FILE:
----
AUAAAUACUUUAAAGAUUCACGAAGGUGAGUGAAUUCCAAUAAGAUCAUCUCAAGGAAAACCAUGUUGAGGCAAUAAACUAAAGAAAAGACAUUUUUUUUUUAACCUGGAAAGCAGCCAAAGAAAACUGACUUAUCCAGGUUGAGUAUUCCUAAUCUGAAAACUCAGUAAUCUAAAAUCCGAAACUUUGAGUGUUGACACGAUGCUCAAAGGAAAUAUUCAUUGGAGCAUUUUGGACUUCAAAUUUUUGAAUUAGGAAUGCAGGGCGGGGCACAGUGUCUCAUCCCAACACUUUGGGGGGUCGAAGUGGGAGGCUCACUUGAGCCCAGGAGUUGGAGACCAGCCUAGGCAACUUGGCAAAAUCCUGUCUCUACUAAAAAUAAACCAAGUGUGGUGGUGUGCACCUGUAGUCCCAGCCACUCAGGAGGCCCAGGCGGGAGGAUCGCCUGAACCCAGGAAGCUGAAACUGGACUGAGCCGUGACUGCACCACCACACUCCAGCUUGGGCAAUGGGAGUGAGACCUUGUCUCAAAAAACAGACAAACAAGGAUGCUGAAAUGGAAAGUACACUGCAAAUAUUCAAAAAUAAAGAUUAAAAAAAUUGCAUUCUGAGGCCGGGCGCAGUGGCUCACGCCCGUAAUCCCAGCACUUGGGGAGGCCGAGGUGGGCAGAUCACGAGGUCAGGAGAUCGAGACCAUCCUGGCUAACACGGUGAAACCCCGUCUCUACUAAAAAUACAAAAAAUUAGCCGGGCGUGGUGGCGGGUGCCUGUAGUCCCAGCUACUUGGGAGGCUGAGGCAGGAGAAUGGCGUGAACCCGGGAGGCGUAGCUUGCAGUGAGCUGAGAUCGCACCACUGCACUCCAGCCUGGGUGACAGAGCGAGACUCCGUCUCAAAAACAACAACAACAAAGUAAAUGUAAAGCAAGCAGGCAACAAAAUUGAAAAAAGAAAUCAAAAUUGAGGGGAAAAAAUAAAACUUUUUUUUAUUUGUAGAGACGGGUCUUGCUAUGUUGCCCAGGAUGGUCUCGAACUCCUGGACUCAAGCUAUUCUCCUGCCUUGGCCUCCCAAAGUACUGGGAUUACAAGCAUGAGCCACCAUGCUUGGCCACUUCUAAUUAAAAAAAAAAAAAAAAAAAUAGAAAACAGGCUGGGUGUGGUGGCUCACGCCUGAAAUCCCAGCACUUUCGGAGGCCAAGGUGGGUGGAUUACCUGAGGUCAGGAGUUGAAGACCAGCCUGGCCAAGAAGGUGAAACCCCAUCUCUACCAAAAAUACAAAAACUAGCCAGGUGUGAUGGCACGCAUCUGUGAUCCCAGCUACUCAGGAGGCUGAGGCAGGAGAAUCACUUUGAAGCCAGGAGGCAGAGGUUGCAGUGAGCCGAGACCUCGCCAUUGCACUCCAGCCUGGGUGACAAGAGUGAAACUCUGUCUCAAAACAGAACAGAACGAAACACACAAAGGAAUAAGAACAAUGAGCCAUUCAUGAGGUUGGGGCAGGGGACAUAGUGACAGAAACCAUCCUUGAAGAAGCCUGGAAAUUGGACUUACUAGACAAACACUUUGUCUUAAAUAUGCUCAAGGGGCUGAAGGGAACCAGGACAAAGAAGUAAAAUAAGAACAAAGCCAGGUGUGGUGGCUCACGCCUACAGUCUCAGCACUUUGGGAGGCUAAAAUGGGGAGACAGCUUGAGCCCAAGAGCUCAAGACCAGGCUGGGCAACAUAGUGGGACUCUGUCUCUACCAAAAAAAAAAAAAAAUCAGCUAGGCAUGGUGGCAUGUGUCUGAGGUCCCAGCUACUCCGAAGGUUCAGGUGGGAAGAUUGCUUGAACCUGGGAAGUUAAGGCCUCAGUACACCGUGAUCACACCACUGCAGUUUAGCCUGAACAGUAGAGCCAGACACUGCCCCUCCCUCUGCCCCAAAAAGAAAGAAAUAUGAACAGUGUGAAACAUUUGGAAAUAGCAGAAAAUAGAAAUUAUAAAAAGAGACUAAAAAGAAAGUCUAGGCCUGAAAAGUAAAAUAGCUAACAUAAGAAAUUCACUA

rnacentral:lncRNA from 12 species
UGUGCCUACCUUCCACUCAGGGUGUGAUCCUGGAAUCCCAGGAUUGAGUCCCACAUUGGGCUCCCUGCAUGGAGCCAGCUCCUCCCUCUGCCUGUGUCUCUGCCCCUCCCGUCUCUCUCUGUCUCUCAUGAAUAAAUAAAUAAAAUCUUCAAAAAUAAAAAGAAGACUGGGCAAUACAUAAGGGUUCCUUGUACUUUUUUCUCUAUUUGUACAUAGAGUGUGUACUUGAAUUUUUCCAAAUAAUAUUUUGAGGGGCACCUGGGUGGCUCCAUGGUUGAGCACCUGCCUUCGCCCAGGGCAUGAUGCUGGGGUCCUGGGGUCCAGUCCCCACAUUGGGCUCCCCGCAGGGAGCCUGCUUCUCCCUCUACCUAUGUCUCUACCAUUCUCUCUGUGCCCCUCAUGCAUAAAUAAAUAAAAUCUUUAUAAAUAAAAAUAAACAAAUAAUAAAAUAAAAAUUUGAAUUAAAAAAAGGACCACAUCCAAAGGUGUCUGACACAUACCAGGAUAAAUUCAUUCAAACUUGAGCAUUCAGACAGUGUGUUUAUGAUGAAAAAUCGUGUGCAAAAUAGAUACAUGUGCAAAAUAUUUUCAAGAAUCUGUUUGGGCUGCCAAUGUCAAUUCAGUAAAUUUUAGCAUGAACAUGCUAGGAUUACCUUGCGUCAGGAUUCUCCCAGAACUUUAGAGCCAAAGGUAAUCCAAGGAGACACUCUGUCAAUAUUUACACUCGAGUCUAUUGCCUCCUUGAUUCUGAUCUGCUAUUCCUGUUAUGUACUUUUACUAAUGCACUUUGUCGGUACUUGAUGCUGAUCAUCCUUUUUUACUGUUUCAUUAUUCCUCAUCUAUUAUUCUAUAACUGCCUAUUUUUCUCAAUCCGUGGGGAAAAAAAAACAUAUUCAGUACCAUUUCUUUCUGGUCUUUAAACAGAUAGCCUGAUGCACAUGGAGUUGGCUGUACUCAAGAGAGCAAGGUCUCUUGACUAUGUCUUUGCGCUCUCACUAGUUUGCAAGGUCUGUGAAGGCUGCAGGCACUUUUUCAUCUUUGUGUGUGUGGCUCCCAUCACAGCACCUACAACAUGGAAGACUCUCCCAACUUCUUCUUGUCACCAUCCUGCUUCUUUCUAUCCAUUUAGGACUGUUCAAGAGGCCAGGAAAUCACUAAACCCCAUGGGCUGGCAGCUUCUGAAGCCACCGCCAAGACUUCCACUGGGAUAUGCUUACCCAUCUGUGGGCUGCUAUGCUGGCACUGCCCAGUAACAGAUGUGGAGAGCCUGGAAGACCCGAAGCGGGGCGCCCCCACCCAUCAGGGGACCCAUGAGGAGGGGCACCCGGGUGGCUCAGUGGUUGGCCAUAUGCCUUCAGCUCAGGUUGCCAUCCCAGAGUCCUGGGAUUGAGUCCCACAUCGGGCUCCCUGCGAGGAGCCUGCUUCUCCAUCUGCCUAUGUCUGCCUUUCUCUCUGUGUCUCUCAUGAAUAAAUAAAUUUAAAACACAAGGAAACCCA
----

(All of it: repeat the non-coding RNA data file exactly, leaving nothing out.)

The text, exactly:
AUAAAUACUUUAAAGAUUCACGAAGGUGAGUGAAUUCCAAUAAGAUCAUCUCAAGGAAAACCAUGUUGAGGCAAUAAACUAAAGAAAAGACAUUUUUUUUUUAACCUGGAAAGCAGCCAAAGAAAACUGACUUAUCCAGGUUGAGUAUUCCUAAUCUGAAAACUCAGUAAUCUAAAAUCCGAAACUUUGAGUGUUGACACGAUGCUCAAAGGAAAUAUUCAUUGGAGCAUUUUGGACUUCAAAUUUUUGAAUUAGGAAUGCAGGGCGGGGCACAGUGUCUCAUCCCAACACUUUGGGGGGUCGAAGUGGGAGGCUCACUUGAGCCCAGGAGUUGGAGACCAGCCUAGGCAACUUGGCAAAAUCCUGUCUCUACUAAAAAUAAACCAAGUGUGGUGGUGUGCACCUGUAGUCCCAGCCACUCAGGAGGCCCAGGCGGGAGGAUCGCCUGAACCCAGGAAGCUGAAACUGGACUGAGCCGUGACUGCACCACCACACUCCAGCUUGGGCAAUGGGAGUGAGACCUUGUCUCAAAAAACAGACAAACAAGGAUGCUGAAAUGGAAAGUACACUGCAAAUAUUCAAAAAUAAAGAUUAAAAAAAUUGCAUUCUGAGGCCGGGCGCAGUGGCUCACGCCCGUAAUCCCAGCACUUGGGGAGGCCGAGGUGGGCAGAUCACGAGGUCAGGAGAUCGAGACCAUCCUGGCUAACACGGUGAAACCCCGUCUCUACUAAAAAUACAAAAAAUUAGCCGGGCGUGGUGGCGGGUGCCUGUAGUCCCAGCUACUUGGGAGGCUGAGGCAGGAGAAUGGCGUGAACCCGGGAGGCGUAGCUUGCAGUGAGCUGAGAUCGCACCACUGCACUCCAGCCUGGGUGACAGAGCGAGACUCCGUCUCAAAAACAACAACAACAAAGUAAAUGUAAAGCAAGCAGGCAACAAAAUUGAAAAAAGAAAUCAAAAUUGAGGGGAAAAAAUAAAACUUUUUUUUAUUUGUAGAGACGGGUCUUGCUAUGUUGCCCAGGAUGGUCUCGAACUCCUGGACUCAAGCUAUUCUCCUGCCUUGGCCUCCCAAAGUACUGGGAUUACAAGCAUGAGCCACCAUGCUUGGCCACUUCUAAUUAAAAAAAAAAAAAAAAAAAUAGAAAACAGGCUGGGUGUGGUGGCUCACGCCUGAAAUCCCAGCACUUUCGGAGGCCAAGGUGGGUGGAUUACCUGAGGUCAGGAGUUGAAGACCAGCCUGGCCAAGAAGGUGAAACCCCAUCUCUACCAAAAAUACAAAAACUAGCCAGGUGUGAUGGCACGCAUCUGUGAUCCCAGCUACUCAGGAGGCUGAGGCAGGAGAAUCACUUUGAAGCCAGGAGGCAGAGGUUGCAGUGAGCCGAGACCUCGCCAUUGCACUCCAGCCUGGGUGACAAGAGUGAAACUCUGUCUCAAAACAGAACAGAACGAAACACACAAAGGAAUAAGAACAAUGAGCCAUUCAUGAGGUUGGGGCAGGGGACAUAGUGACAGAAACCAUCCUUGAAGAAGCCUGGAAAUUGGACUUACUAGACAAACACUUUGUCUUAAAUAUGCUCAAGGGGCUGAAGGGAACCAGGACAAAGAAGUAAAAUAAGAACAAAGCCAGGUGUGGUGGCUCACGCCUACAGUCUCAGCACUUUGGGAGGCUAAAAUGGGGAGACAGCUUGAGCCCAAGAGCUCAAGACCAGGCUGGGCAACAUAGUGGGACUCUGUCUCUACCAAAAAAAAAAAAAAAUCAGCUAGGCAUGGUGGCAUGUGUCUGAGGUCCCAGCUACUCCGAAGGUUCAGGUGGGAAGAUUGCUUGAACCUGGGAAGUUAAGGCCUCAGUACACCGUGAUCACACCACUGCAGUUUAGCCUGAACAGUAGAGCCAGACACUGCCCCUCCCUCUGCCCCAAAAAGAAAGAAAUAUGAACAGUGUGAAACAUUUGGAAAUAGCAGAAAAUAGAAAUUAUAAAAAGAGACUAAAAAGAAAGUCUAGGCCUGAAAAGUAAAAUAGCUAACAUAAGAAAUUCACUA

rnacentral:lncRNA from 12 species
UGUGCCUACCUUCCACUCAGGGUGUGAUCCUGGAAUCCCAGGAUUGAGUCCCACAUUGGGCUCCCUGCAUGGAGCCAGCUCCUCCCUCUGCCUGUGUCUCUGCCCCUCCCGUCUCUCUCUGUCUCUCAUGAAUAAAUAAAUAAAAUCUUCAAAAAUAAAAAGAAGACUGGGCAAUACAUAAGGGUUCCUUGUACUUUUUUCUCUAUUUGUACAUAGAGUGUGUACUUGAAUUUUUCCAAAUAAUAUUUUGAGGGGCACCUGGGUGGCUCCAUGGUUGAGCACCUGCCUUCGCCCAGGGCAUGAUGCUGGGGUCCUGGGGUCCAGUCCCCACAUUGGGCUCCCCGCAGGGAGCCUGCUUCUCCCUCUACCUAUGUCUCUACCAUUCUCUCUGUGCCCCUCAUGCAUAAAUAAAUAAAAUCUUUAUAAAUAAAAAUAAACAAAUAAUAAAAUAAAAAUUUGAAUUAAAAAAAGGACCACAUCCAAAGGUGUCUGACACAUACCAGGAUAAAUUCAUUCAAACUUGAGCAUUCAGACAGUGUGUUUAUGAUGAAAAAUCGUGUGCAAAAUAGAUACAUGUGCAAAAUAUUUUCAAGAAUCUGUUUGGGCUGCCAAUGUCAAUUCAGUAAAUUUUAGCAUGAACAUGCUAGGAUUACCUUGCGUCAGGAUUCUCCCAGAACUUUAGAGCCAAAGGUAAUCCAAGGAGACACUCUGUCAAUAUUUACACUCGAGUCUAUUGCCUCCUUGAUUCUGAUCUGCUAUUCCUGUUAUGUACUUUUACUAAUGCACUUUGUCGGUACUUGAUGCUGAUCAUCCUUUUUUACUGUUUCAUUAUUCCUCAUCUAUUAUUCUAUAACUGCCUAUUUUUCUCAAUCCGUGGGGAAAAAAAAACAUAUUCAGUACCAUUUCUUUCUGGUCUUUAAACAGAUAGCCUGAUGCACAUGGAGUUGGCUGUACUCAAGAGAGCAAGGUCUCUUGACUAUGUCUUUGCGCUCUCACUAGUUUGCAAGGUCUGUGAAGGCUGCAGGCACUUUUUCAUCUUUGUGUGUGUGGCUCCCAUCACAGCACCUACAACAUGGAAGACUCUCCCAACUUCUUCUUGUCACCAUCCUGCUUCUUUCUAUCCAUUUAGGACUGUUCAAGAGGCCAGGAAAUCACUAAACCCCAUGGGCUGGCAGCUUCUGAAGCCACCGCCAAGACUUCCACUGGGAUAUGCUUACCCAUCUGUGGGCUGCUAUGCUGGCACUGCCCAGUAACAGAUGUGGAGAGCCUGGAAGACCCGAAGCGGGGCGCCCCCACCCAUCAGGGGACCCAUGAGGAGGGGCACCCGGGUGGCUCAGUGGUUGGCCAUAUGCCUUCAGCUCAGGUUGCCAUCCCAGAGUCCUGGGAUUGAGUCCCACAUCGGGCUCCCUGCGAGGAGCCUGCUUCUCCAUCUGCCUAUGUCUGCCUUUCUCUCUGUGUCUCUCAUGAAUAAAUAAAUUUAAAACACAAGGAAACCCA